coordinator: Denis “Jaromil” Rojo

I Network Description

Dyne.org appeared online in 2000 when the HasciiCam software was published: an invention widely appreciated for its artistic value and for making possible to broadcast live video using old hardware from a slow network connection.
Inspired by a mix of software and poetry, a growing network of developers released to the public software made to insure freedom of expression, configuring dyne.org as a free software atelier, a portal to Digital Creation and Media Art.
Ranging from radio makers, humanitarian organizations, video artists, medical researchers, media activists and educators, a large amount of people employed and redistributed dyne.org software worldwide, free of charge, echoing to the freedom spirit of this autonomous initiative.
Despite the fact in its early days (and until now) dyne.org was never boosted with merchandising or money, several young hackers pioneered the constitution of a wide horizontal network. Openness, knowledge sharing and freedom of creation have been the philosophical principles guiding the evolution of dyne.org, hosting creations that have been conceptualised not for a profit, but for their role within society.

Mission Statement

Dyne.org aims:

to promote the idea and practice of open source knowledge sharing within civil society: by
fostering research, development, production and distribution of FOSS solutions;
to open the participation to on-line and on-site communities, leveraging the democratic and
horizontal access to technology, lowering the economical requisites to its accessibility;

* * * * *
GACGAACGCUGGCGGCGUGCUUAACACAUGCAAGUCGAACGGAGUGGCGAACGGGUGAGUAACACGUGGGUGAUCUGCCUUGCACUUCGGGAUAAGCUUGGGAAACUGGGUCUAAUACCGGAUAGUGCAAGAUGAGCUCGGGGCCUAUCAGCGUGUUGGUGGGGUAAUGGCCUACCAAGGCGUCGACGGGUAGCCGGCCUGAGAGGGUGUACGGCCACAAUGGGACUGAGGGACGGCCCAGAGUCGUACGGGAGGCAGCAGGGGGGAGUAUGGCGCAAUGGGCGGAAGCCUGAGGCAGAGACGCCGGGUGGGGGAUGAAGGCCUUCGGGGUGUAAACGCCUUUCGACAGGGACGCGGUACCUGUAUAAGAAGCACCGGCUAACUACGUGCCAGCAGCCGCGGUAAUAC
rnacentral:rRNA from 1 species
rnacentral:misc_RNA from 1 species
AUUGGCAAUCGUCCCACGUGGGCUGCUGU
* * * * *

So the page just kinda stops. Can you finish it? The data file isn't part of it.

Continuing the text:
to foster employment of FOSS in artistic creation: exploring new forms of expression and
interaction, disseminating new languages that can be freely adopted and re-elaborated by everyone,
insuring the long term conservation of digital artworks;
to support FOSS development, also when non-profitable: being software a socially relevant
media it should not be invented and maintained only on the basis of its merchantability.

II Goal for the Event

The main goal in our participation in Winter Camp is to network all developers involved in free
on-line video streaming technologies based on the new free codec “Ogg/Theora”.

Dyne.org is developing the software FreeJ aiming at providing an efficient back-end for mixing of multiple signals (as video, text, images and more) into live or programmed streams on the Internet.

FreeJ is a vision mixer: an instrument for realtime video manipulation used in the fields of dance teather, veejaying, medical visualization and TV. It lets you interact with multiple layers of video, filtered by effect chains and then mixed together. Controllers can be scripted for keyboard, midi and joysticks, to manipulate images, movies, live cameras, particle generators, text scrollers, flash animations and more. All the resulting video mix can be shown on multiple and remote screens, encoded into a movie and streamed live to the internet.

FreeJ can be controlled locally or remotely, also from multiple places at the same time; it can be automated via javascript to be operated via MIDI, Joysticks, wiimotes, mices and keyboards. As a result of our development season, for which the Winter Camp is a crucial meeting point, we aim to provide FreeJ with various language bindings (Python, Ruby, Java and Perl in addition to Javascript which is already present) and integrate it in existing free on-line video portals, in collaboration with the communities Giss.tv, Engagemedia.org and Transmission.cc.

III Participants

– Hassan Bassam
– Luca Bigliardi
– Jaromil
– Vanessa Vespasiani
– Andrea Guzzo

– Vladimir Flores Garcia
– Lluiz Gomez i Bigorda
– Valentina Messeri
– Gabriele Zaverio
– Manuel A.L. Cangemi
– Cristoph Rudorff
– Andrew Nicholson
– Ramiro Cosentino
– Emanuel Nicolosi